Conversations can be fluid or awkward, and similar to ice dancers, are ripe for potential slip ups. The difference between how the conversations are navigated and the comparison to ice dancers diverges in one area. This area is that the ice dancers are practicing one dance, and most of the variables they will be contending with are stable. However, with conversations, the variables, even with a practiced conversation is where the divergence occurs. This is due to the fact there are so many additional factors which could contribute to making the conversation more difficult than the ice dancing, and which are out of the conversationalist’s control.

An example of a factor which a conversationalist can’t prepare for is someone else’s mood. Or, knowing how the other person’s history on this topic might impact the outcome of it. Another challenge for conversations is the level at which someone is able to converse. If one person is a highly accomplished conversationalist and they are speaking to someone who isn’t, the flow and outcome of the conversation is going to be much different. Now consider two other  factors which will contribute to making the conversation more challenging.

The first factor has to do with hierarchy (e.g., work or sports team), and where each person in the conversation stands in this part of the equation. In this conversation scenario, the lower hierarchy person may not feel that they are able to say truly what they want to express. Perhaps out of respect, but also potentially out of fear of saying something which will lead to them losing opportunities for advancement, or worse, their role on a team or in the organization. Yes, these are extremes, but they are legitimate concerns people have when they are not equals in a conversation.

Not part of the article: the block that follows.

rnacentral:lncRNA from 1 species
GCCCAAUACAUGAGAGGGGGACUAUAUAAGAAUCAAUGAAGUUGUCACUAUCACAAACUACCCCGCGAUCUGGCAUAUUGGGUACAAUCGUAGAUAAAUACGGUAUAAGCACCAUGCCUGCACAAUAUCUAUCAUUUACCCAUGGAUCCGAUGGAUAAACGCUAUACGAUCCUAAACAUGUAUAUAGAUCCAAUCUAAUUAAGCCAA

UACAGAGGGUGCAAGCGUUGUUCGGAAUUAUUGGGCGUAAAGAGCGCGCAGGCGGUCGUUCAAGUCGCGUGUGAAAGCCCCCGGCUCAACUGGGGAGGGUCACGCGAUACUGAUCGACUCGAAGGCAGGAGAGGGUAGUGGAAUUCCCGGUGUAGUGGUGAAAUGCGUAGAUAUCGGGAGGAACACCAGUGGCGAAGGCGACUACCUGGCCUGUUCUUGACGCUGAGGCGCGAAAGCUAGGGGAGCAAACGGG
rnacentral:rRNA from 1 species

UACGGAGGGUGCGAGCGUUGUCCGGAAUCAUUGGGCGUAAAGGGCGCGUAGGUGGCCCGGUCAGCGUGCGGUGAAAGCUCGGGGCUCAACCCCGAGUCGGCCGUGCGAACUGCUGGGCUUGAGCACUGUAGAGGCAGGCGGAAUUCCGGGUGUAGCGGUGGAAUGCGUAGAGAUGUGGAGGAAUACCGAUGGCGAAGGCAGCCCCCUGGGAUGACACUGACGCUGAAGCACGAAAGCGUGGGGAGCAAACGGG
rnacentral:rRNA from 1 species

The second factor has to do with influence. Although logically you would think that in a hierarchical conversation that the higher-level person might have the advantage, this isn’t always true. In fact, it might be that the junior conversationalist has a higher ability to be more influential in their conversation style. If they do, this will provide them with an interesting advantage. An advantage that can offer them the skillset to have a stronger conversation flow and outcome which results in them obtaining either agreement. Or, the results of what they were seeking to have the conversation accomplish.  

Being able to maintain the right emotional level during a conversation is also key, but not easy to achieve. Especially if the topic is highly emotionally charged. Managing through an emotional conversation is never easy, yet it’s one that everyone both personally and professionally needs to be able to navigate through. The key in successfully getting through this type of conversation is to be honest and let the other person know you may be emotional during it. By preparing the person you will be speaking with that this isn’t going to be a neutral conversation, each of you will be able to let down your guard to have a more open discussion.

I’m not in HR, but I recently read a statistic from the HR Review. It noted that 48% of Millennials reported they are having a hard time communicating with colleagues. Reading this stat was what prompted me to consider both reasons why this was occurring, but more importantly, to offer some potential solutions to consider addressing this difficulty. Below are some of my ideas to help making communicating with colleagues, or your teammates less difficult.